The downside of manual distribution is obviously the fact that a change to any of the Remote Apps would again have to be manually distributed to the end users, whereas, using RD Web Access or the Web Feed URL would automatically update this. (Although the Web Feed URL does have a periodic update schedule).
Now, that we have seen distribution of Remote Apps in Windows Server 2008 R2 and have refreshed our memory, it’s time to take a look at Windows Server 2012 to see how this changed and evolved.
Distributing Remote Apps and Desktops with Windows Server 2012
The way Remote Apps are managed using Remote Desktop Services in Windows Server 2012 has changed a lot compared to Windows Server 2008 R2. Remember that in Windows Server 2008 (R2) you had to use the MMC snap-in called Remote App Manager on every individual RD Session Host server. The Remote App Manager no longer exists in Windows Server 2012. Management of Remote Apps in Windows Server 2012 has been moved to the central Server Manager console as part of the Remote Desktop Services section.
Figure 8: Remote App Manager management in Windows Server 2012
So, instead of having to configure Remote Apps per RD Session Host (either manually or by using the export function) in Windows Server 2008 R2, we can now centrally manage our Remote Apps. The configuration for these Remote Apps will then automatically be pushed to all RD Session Host servers that are members of the Session Collection. This improves manageability a lot.
So let’s look at the ways Remote App programs and Desktops can be distributed.
Distribute using RD Web Access
As with Windows Server 2008 R2, Window Server 2012 also has the ability to distribute to RD Web Access. Besides some improvements in RD Web Access, the mechanism stayed the same there. You’re able to assign Remote Apps to users based on Groups per Remote App and per Session Collection (new to Windows Server 2012).
Distribute using Web Feed URL in the control panel
In Windows Server 2012, there have been two updates to this way of distribution. We saw earlier that users were able to connect using the “RemoteApp and Desktop Connection” in the control panel providing a Web Feed URL. This is still possible with Windows Server 2012. In addition to providing a Web Feed URL, Windows Server 2012 and Windows 8 as a client also support providing a corporate e-mail address. This makes the setup more user-friendly as the user can simply provide his e-mail address instead of an unfriendly URL.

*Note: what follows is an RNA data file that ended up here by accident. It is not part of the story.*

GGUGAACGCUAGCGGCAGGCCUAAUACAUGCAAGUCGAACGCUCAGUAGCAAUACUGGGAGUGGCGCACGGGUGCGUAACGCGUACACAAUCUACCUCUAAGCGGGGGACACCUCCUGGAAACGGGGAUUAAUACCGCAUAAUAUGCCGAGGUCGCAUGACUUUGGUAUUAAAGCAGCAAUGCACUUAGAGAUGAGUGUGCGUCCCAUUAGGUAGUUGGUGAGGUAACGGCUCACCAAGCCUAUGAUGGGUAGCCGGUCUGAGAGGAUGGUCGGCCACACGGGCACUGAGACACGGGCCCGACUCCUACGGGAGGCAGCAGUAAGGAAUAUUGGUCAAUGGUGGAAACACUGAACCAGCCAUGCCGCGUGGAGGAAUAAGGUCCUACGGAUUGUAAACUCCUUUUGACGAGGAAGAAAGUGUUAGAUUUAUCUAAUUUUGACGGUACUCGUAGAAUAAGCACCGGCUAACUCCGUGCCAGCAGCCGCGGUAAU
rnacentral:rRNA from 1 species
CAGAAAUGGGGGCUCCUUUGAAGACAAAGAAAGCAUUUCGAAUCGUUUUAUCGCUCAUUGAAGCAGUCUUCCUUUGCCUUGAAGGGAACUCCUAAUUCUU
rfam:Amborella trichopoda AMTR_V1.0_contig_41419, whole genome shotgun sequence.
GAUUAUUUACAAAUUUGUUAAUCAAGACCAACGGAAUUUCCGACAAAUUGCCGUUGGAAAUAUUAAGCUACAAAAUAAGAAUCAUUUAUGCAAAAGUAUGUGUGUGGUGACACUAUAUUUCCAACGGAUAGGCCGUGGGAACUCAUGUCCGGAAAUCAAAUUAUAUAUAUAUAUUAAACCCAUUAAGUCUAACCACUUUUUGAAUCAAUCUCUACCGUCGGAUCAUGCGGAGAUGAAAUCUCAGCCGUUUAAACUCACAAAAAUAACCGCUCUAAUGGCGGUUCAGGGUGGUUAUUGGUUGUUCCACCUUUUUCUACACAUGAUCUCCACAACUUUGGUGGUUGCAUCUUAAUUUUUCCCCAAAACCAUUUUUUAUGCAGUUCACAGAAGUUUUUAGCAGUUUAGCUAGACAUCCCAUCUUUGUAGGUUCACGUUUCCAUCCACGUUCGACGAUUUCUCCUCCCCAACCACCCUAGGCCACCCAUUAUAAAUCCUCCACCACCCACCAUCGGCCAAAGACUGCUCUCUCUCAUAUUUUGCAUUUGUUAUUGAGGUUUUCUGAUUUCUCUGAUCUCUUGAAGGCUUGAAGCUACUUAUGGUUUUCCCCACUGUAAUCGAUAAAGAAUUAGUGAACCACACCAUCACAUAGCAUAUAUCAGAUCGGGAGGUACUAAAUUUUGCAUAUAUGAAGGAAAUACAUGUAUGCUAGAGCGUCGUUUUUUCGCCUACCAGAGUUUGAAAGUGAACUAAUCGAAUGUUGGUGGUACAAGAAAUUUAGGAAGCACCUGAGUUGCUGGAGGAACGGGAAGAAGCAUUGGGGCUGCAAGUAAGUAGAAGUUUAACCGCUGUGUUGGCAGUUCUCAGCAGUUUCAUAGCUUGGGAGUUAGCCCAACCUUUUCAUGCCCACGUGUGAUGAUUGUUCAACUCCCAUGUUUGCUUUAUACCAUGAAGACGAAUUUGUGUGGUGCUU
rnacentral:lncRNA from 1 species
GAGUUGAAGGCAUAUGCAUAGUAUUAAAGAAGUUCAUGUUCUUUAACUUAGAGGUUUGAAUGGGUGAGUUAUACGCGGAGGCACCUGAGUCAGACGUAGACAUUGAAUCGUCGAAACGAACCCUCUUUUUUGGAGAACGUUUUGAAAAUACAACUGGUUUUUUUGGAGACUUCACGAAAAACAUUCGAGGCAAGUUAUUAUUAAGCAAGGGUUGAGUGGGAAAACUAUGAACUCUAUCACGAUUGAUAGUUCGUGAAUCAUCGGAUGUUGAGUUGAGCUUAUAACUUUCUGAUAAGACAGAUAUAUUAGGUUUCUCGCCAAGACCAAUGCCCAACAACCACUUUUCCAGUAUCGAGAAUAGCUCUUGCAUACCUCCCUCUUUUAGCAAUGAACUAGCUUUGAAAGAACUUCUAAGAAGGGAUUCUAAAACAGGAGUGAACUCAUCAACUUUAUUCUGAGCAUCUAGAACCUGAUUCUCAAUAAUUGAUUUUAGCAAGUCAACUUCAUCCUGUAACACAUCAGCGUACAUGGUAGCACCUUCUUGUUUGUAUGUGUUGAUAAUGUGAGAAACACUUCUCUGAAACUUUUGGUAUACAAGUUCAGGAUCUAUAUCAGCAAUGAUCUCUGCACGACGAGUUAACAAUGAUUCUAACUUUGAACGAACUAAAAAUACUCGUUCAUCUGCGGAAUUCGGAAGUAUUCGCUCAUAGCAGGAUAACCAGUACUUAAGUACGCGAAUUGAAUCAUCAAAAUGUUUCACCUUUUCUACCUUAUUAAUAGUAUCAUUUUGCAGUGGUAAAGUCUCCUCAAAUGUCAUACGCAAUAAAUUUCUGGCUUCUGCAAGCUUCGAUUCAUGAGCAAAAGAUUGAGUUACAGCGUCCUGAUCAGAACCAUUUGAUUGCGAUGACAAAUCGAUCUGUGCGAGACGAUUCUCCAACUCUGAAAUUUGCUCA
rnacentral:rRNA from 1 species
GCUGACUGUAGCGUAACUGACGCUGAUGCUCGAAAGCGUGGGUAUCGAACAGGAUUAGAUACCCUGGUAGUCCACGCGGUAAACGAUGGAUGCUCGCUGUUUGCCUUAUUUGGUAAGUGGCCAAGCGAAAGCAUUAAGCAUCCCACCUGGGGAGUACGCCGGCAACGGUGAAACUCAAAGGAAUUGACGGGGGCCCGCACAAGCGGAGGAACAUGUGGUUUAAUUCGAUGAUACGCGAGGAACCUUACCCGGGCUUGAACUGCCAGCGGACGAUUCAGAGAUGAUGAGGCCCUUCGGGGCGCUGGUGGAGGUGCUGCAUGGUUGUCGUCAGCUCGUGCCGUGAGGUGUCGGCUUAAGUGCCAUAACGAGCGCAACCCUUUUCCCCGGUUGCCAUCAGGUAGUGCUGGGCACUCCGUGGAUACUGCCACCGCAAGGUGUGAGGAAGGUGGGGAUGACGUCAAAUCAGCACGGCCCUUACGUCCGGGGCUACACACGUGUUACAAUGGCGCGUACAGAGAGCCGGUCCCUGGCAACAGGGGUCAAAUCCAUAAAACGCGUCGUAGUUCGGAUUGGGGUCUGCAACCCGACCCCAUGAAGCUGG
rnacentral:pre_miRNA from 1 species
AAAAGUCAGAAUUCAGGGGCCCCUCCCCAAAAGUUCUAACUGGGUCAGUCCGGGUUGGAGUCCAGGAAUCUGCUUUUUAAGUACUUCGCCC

Figure 9: RemoteApp and Desktop Connections Windows 8
In addition, the new Remote Desktop App available for Windows 8 has a “metro-style” equivalent, which can be accessed by opening the Remote Desktop App.
Another improvement here is a GPO object that can be applied to Windows 8 clients to configure a default Web Feed URL. This GPO is available under
User Configuration / Administrative Templates / Windows Components / Remote Desktop Services / RemoteApp and Desktop Connections.
Figure 10: Default connection URL GPO
If you’re using Windows 8 as a client, the Remote Apps and Desktops assigned will be available in the new “Metro-style” start screen as well as inside the Remote Desktop App itself. Windows 7 as a client will obviously still use the same location in the users’ local Start menu.
The third option available for Windows Server 2008 R2 was manual distribution. Recall that we were able to create .RDP and .MSI files for manual or automated distribution. This option is no longer available for Windows Server 2012. Remote App management in the new Server Manager console does not include functionality to create .RDP or .MSI files per Remote App. The fact that the option is no longer available indicates that Microsoft advises you to use the Web Feed method for all distribution actions. There is however, a way to extract the .RDP files that the Control Panel generates on the client. If you would browse to the following path on a client that signed up for Remote Apps you can find those .RDP files.
Figure 11: .RDP files in user profile
Theoretically, you would be able to distribute these .RDP files the old way. However, Microsoft would probably advise you to use the new Web Feed method since it creates more flexibility and provides central management.
To conclude, if you have been using the manual distribution options as discussed in this article, and they worked well in your specific scenario, you will probably be somewhat disappointed that this option no longer exists in Windows Server 2012. However, I do believe that the new possibilities using the Web Feed method and the way Remote Apps are now managed centrally, really helps in adopting the Web Feed method. It creates great flexibility and is now much more user friendly.